Appellant also argues that “[t]he record was insufficient to find that [he] was a dangerous offender” because five years elapsed between committing his second felony and his third (July 30, 2007, to April 4, 2013). But appellant was not released from prison after the 2007 conviction until April 21, 2011, and he was under parole supervision until May 25, 2012. His record supports the determination that he is a danger to public safety as defined in Minn. Stat. § 609.1095, subd. 2(2)(i) (providing that a defendant who has two or more prior convictions for violent crimes “is a danger to public safety” if his past criminal behavior indicates a “high frequency rate of criminal activity or juvenile adjudications, or long involvement in criminal activity including juvenile adjudications”).
Finally, appellant relies on State v. Branson, 529 N.W.2d 1 (Minn. App. 1995) (in which the defendant's criminal involvement extended over 18 years), review denied (Minn. Apr. 18, 1995) and State v. Kimmons, 502 N.W.2d 391 (Minn. App. 1993) (in which the defendant committed eight prior felonies), review denied (Minn. Aug. 16, 1993), to argue that a more extensive criminal record than his is “necessary to support a finding that a defendant is a ‘dangerous offender.’ ” But the criteria for dangerous offenders are set out in the statute, and the fact that other offenders have accumulated more extensive criminal records does not preclude appellant from meeting those criteria.5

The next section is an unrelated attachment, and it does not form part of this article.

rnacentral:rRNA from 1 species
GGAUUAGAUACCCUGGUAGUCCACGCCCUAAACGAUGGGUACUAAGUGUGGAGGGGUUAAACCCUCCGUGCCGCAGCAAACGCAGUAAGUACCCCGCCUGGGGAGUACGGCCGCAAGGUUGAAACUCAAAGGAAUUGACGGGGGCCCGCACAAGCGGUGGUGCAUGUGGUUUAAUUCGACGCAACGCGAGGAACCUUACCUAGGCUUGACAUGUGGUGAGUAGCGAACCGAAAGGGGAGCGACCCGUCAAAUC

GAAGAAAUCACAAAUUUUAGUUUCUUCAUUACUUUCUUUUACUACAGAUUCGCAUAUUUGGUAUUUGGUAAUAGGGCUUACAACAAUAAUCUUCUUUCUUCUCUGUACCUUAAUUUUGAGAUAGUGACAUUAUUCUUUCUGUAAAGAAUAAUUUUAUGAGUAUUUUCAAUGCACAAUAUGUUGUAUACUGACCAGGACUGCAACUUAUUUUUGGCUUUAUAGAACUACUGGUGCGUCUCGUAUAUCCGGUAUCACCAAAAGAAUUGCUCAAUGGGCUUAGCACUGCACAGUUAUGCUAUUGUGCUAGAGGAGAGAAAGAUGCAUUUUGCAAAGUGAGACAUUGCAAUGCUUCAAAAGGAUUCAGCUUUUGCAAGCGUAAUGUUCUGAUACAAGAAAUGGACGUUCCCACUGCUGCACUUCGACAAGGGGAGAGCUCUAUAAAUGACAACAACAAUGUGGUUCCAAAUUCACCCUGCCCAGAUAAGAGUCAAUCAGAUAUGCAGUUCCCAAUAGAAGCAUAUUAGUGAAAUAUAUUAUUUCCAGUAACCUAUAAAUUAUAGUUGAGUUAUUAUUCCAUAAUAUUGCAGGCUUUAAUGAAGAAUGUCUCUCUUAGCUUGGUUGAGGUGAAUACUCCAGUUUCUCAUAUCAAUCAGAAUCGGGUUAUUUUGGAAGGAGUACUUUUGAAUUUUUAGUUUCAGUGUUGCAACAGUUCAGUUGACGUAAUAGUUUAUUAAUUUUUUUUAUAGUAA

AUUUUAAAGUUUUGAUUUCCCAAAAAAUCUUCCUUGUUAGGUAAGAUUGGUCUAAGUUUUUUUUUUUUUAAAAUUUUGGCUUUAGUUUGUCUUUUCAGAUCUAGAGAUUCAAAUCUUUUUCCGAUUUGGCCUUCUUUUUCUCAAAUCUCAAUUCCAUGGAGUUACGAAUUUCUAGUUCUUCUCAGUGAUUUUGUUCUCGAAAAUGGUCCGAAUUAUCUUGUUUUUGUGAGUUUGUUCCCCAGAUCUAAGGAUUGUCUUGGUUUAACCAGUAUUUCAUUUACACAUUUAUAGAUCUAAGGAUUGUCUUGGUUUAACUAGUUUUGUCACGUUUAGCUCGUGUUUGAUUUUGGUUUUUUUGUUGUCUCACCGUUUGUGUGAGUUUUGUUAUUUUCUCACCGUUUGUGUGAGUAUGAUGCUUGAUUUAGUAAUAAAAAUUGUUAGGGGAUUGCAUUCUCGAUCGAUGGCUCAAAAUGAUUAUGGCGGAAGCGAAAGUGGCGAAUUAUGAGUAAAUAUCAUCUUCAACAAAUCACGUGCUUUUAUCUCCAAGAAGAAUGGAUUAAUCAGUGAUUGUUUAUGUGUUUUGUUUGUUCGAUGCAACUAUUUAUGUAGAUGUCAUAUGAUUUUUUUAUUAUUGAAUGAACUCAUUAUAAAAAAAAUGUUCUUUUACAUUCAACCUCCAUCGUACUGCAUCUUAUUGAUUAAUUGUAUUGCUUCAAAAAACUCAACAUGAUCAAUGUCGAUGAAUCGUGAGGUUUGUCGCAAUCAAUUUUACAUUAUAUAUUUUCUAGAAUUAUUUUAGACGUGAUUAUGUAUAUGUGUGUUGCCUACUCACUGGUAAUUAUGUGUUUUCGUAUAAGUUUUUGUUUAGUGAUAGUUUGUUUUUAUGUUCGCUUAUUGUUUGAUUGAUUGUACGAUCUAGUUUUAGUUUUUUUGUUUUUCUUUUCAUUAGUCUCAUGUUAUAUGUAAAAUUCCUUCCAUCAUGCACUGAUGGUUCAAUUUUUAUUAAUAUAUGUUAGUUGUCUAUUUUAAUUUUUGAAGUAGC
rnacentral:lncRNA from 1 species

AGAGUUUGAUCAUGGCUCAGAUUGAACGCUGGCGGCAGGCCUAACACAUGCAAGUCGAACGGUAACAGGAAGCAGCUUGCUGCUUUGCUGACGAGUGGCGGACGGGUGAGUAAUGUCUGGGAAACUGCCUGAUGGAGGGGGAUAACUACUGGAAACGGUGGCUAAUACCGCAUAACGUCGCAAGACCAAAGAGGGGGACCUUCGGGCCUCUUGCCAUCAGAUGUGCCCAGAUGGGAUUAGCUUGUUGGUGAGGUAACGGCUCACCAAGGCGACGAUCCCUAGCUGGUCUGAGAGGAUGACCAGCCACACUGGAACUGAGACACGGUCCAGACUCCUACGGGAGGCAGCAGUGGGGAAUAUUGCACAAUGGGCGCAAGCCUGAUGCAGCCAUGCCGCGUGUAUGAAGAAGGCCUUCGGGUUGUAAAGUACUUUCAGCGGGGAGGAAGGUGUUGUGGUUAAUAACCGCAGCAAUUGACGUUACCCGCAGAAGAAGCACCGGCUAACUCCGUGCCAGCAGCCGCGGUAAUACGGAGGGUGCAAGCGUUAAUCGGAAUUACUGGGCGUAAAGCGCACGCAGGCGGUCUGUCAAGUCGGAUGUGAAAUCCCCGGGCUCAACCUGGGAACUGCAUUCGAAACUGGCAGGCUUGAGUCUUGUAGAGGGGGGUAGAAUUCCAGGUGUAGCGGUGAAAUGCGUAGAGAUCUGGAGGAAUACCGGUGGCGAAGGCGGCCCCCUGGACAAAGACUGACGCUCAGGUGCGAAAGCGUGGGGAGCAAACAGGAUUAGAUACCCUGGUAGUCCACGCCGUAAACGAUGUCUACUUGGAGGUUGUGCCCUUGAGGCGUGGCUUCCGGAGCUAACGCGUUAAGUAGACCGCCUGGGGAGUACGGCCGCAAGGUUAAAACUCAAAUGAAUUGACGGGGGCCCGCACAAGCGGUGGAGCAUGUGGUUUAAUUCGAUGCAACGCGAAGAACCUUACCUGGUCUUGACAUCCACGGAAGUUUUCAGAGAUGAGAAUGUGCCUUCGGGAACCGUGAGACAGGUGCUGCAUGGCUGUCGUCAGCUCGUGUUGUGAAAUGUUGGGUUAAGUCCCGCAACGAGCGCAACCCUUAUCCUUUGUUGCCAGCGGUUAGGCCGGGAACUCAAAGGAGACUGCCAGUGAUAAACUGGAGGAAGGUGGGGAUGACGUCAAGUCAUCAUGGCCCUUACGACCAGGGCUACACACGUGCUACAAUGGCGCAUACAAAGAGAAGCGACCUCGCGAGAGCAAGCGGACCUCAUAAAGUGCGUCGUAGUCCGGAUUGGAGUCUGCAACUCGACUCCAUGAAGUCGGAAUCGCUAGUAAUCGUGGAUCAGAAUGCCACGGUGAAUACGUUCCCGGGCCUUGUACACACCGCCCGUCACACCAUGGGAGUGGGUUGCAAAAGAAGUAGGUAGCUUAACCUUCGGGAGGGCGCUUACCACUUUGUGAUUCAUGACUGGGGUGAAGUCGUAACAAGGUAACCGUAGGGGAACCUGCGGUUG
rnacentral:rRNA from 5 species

In light of appellant's failure to offer any expert-witness support for his request that the jury be instructed on cross-racial identification, there was no abuse of discretion in the denial of that request; the evidence as to appellant's identity was sufficient for the jury to reasonably have concluded that appellant was guilty; and appellant met the statutory criteria for sentencing as a dangerous offender.